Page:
The independence fights in the land of Giedraičiai in 1918–1920 

Vytautas Lesčius

During the fights for independence of Lithuania its young still building army had to defend its country from Bolsheviks, Bermontians and Poles. At that time the land of Giedraičiai was threatened by two aggressive enemies–Bolsheviks and Poles. The latter exceeded Lithuanian defence forces, which, nevertheless, managed to strike fatal blows to their enemies in many areas of Lithuania.

Such was the land of Giedraičiai, rich in its historical past and having a strategically important road going from the olden capital city of Vilnius towards the central and northern regions of Lithuania.

The first encounter with the enemy Lithuanian military in the land of Giedraičiai was with the Bolsheviks, which controlled the area from January of 1919 and terrorised local population. The joint Lithuanian and Polish forces chased away them on May 11, 1919. Then happened so that, taking the advantage of the situation when Lithuanian military fought with Bolsheviks in other fronts, the Poles took the control not only of the Giedraičiai land, but also of a large area in the eastern and southern territories of Lithuania from the beginning of July in 1920. 

Only in mid-July of the same year, when Bolsheviks took the initiative in the fights with the Poles, the Lithuanian army recaptured a large part of the Lithuanian area controlled by the Poles. On July 11, the 2nd battalion of the 7th infantry regiment liberated the land of Giedraičiai, where more normal conditions of administration, as well as economic and cultural life were developing.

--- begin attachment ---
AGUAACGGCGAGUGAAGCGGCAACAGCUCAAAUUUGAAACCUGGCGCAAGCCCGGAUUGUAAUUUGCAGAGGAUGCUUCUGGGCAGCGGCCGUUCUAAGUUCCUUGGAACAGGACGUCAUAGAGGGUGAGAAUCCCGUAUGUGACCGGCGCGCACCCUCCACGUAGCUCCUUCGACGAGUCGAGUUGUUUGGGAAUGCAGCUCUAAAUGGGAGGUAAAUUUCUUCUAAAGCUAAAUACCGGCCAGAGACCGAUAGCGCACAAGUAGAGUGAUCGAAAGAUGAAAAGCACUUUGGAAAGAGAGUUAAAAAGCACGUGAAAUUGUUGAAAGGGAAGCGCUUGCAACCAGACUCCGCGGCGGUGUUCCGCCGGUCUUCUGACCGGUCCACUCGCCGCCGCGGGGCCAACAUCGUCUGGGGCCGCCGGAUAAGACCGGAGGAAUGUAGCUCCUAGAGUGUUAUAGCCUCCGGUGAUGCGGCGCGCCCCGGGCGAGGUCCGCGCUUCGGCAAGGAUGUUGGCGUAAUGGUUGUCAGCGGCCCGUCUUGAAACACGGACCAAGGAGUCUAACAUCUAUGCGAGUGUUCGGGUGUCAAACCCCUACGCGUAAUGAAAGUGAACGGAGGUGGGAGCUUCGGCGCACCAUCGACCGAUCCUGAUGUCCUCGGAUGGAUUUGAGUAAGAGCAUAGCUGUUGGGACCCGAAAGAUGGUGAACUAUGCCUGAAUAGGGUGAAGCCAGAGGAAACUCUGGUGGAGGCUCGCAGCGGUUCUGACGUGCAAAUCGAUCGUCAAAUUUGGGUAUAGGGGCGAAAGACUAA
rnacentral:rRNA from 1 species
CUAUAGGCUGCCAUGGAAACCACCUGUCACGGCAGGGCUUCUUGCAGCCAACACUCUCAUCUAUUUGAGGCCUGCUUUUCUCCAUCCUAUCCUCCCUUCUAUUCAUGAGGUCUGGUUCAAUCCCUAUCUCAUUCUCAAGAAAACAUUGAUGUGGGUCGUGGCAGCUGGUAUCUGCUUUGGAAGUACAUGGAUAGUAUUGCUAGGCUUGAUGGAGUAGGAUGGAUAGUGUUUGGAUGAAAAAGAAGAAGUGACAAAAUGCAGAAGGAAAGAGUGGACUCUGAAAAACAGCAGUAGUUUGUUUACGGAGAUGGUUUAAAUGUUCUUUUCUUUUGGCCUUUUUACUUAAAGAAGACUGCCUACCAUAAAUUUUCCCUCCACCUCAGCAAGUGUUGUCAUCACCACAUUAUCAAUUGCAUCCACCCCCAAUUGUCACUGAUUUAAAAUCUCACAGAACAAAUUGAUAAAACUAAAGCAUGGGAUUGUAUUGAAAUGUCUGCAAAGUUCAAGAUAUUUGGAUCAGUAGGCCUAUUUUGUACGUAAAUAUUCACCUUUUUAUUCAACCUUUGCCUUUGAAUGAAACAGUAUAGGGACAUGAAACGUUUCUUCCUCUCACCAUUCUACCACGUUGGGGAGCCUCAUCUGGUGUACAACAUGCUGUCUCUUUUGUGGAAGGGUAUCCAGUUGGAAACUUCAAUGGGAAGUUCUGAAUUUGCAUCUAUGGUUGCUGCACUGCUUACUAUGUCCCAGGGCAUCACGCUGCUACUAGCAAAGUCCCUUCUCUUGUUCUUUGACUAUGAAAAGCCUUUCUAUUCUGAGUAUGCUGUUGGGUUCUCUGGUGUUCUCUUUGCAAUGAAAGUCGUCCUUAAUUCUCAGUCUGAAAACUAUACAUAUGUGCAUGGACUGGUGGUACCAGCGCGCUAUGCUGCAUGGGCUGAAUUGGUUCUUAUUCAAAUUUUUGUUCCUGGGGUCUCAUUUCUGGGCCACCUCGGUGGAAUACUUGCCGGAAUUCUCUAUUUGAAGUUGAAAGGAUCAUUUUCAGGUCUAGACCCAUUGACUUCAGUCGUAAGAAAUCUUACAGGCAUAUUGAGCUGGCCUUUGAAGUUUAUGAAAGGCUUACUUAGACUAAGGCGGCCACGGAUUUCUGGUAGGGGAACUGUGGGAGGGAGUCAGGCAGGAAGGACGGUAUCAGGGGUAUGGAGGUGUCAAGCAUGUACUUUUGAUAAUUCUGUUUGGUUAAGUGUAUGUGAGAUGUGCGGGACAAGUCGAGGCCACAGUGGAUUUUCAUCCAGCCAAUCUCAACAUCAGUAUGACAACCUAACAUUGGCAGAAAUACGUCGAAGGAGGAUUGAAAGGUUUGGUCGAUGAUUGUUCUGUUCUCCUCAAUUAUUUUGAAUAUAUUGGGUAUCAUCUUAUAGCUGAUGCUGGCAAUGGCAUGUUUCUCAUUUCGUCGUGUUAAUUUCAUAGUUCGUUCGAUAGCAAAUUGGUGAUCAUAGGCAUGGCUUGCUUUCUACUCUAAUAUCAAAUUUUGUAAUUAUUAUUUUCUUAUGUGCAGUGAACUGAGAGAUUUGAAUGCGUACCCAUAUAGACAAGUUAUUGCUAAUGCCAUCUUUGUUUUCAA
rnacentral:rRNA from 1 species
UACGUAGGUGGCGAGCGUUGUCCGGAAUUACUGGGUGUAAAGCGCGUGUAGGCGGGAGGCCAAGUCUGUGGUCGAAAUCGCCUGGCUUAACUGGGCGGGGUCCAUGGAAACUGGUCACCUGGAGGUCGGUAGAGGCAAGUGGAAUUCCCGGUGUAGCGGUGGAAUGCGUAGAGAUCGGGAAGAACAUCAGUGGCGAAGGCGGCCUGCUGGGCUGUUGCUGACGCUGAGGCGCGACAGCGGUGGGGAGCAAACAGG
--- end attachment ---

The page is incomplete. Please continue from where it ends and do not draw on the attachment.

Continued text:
However, this peaceful period was short. Soon the reinforced Polish army started a counter-offensive, and small Lithuania army suffered several defeats in south Lithuania. On October 7, 1920, the Suvalkai agreement had been signed with the Poles. However, already on the next day, the Poles violated the agreement and began a new venture against Lithuania. Numerous Polish forces occupied Vilnius on October 9, and on October 17 the Polish units lead by general Lucjan Ýeligowski began a big offensive towards the land of Giedraičiai. On October 21, they reached the environs of Giedraičiai, and on October 26 they took the town and its surroundings. The battles were fierce with varying success. The 2nd infantry regiment lead by major J. Petruitis fought against the Ýeligowski units. On November 1, Lithuanians managed to recapture Giedraičiai.

Having concentrated additional military forces, the Poles lead by general Ýeligowski started a large offensive against Lithuanians on November 17. During the severe battles, both sides suffered big losses. Lithuanians were forced to retreat from Giedraičiai, but they concentrated their last units in Ţelva and, on November 20, the 2nd infantry regiment started a new march towards Giedraičiai. After very fierce battles with high losses among officers and soldiers, the 2nd infantry regiment finally liberated Giedraičiai on November 21. The Poles suffered very big losses.

Through the mediation of the League of Nations military Control Commission, on November 29, 1920, Lithuanians and Poles signed a truce protocol in a carriage of the Kaunas railway.